Federal Reserve Raises Its Growth Predictions As Chair Powell Warns Of ‘Very Challenging’ Months Ahead
As the first coronavirus vaccines are delivered to states this week, the Federal Reserve on Wednesday issued slightly more optimistic projections for the economy but continued to emphasize that the outlook in the short term is highly dependent on the course of the worsening coronavirus pandemic.
The leaders of the central bank predict that the unemployment rate (which now sits at 6.7%, down from an eye-watering high of 14.7% in April) will fall to 5% by the end of 2021, down from the 5.5% they predicted a few months ago.
The Fed also predicts that gross domestic product will fall at a rate of 2.4% in 2020, up from a more pessimistic prediction of -3.4% in September, then grow at 4.2% by the end of next year.
Despite those optimistic predictions, Federal Reserve Chair Jerome Powell reiterated Wednesday that the outlook for the economy remains “extraordinarily uncertain and will depend in large part on the course of the virus” over the next several months.
Powell also noted—as he has before—that more economic support from Congress may be necessary to get the economy back on track to where it was before the virus.
The central bank did not raise interest rates, which it slashed to near-zero levels in March to prop up the financial system, and Powell reiterated the Fed’s commitment to using all its available powers to support the U.S. economy during the coronavirus crisis.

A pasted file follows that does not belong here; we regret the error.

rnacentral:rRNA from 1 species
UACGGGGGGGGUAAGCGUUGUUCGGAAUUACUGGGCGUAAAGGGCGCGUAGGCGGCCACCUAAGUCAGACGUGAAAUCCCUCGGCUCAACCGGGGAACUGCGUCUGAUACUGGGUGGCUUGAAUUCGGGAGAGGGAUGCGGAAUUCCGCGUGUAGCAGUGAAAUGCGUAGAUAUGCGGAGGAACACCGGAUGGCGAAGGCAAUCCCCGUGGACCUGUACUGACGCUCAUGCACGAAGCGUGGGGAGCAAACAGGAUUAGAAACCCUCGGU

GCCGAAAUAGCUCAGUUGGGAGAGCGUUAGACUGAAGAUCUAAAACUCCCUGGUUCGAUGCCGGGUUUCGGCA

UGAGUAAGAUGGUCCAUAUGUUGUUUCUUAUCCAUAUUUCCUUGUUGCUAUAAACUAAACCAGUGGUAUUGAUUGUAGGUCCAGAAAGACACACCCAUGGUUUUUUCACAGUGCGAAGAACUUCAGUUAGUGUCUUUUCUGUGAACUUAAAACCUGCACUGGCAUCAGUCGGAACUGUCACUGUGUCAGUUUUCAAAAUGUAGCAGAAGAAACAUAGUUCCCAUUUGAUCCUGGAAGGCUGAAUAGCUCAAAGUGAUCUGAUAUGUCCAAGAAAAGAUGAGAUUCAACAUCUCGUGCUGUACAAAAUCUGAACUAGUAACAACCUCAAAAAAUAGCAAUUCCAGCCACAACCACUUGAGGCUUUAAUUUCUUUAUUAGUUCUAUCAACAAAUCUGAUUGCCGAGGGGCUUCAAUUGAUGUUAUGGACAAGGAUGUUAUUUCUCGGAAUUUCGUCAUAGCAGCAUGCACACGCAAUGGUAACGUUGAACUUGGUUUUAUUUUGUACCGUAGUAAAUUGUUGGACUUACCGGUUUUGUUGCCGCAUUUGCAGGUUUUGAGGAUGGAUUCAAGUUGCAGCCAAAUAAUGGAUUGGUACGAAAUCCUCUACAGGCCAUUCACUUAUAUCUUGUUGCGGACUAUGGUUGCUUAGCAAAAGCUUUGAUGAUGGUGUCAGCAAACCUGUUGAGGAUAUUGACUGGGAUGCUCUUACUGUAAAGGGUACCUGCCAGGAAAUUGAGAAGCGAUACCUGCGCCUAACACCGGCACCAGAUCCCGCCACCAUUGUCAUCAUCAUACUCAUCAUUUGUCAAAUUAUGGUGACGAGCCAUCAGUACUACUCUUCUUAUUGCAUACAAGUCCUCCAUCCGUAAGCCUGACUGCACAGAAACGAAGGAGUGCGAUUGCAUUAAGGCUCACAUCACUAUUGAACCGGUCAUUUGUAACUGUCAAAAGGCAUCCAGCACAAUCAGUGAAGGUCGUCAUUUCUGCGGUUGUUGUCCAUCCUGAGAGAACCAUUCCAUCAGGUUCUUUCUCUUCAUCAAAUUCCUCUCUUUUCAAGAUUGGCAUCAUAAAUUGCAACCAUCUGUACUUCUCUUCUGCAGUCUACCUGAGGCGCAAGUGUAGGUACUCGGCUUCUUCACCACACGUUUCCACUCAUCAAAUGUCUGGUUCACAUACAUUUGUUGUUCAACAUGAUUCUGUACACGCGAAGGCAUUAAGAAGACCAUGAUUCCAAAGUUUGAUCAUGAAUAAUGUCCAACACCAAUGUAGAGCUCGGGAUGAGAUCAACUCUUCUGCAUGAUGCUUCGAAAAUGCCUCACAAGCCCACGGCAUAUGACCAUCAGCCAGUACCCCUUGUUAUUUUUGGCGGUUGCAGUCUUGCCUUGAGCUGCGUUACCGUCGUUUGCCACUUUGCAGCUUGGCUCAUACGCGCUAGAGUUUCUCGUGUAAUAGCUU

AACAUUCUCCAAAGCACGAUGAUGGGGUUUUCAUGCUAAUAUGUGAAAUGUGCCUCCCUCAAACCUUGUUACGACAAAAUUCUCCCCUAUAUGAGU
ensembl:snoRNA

“The ongoing surge in new Covid-19 cases both here in the United States and abroad is particularly concerning,” Powell said during a press briefing Wednesday, “and the next few months are likely to be very challenging.”
Lawmakers on Capitol Hill are racing to finalize a $900 billion federal stimulus package to deliver more aid to Americans before the holidays. The package under consideration will likely include another round of direct payments (albeit at a reduced level from the $1,200 stimulus checks authorized by the CARES Act), $300 weekly enhanced unemployment benefits, and another round of funding for the Paycheck Protection Program, which provided forgivable loans to small businesses struggling during the pandemic.
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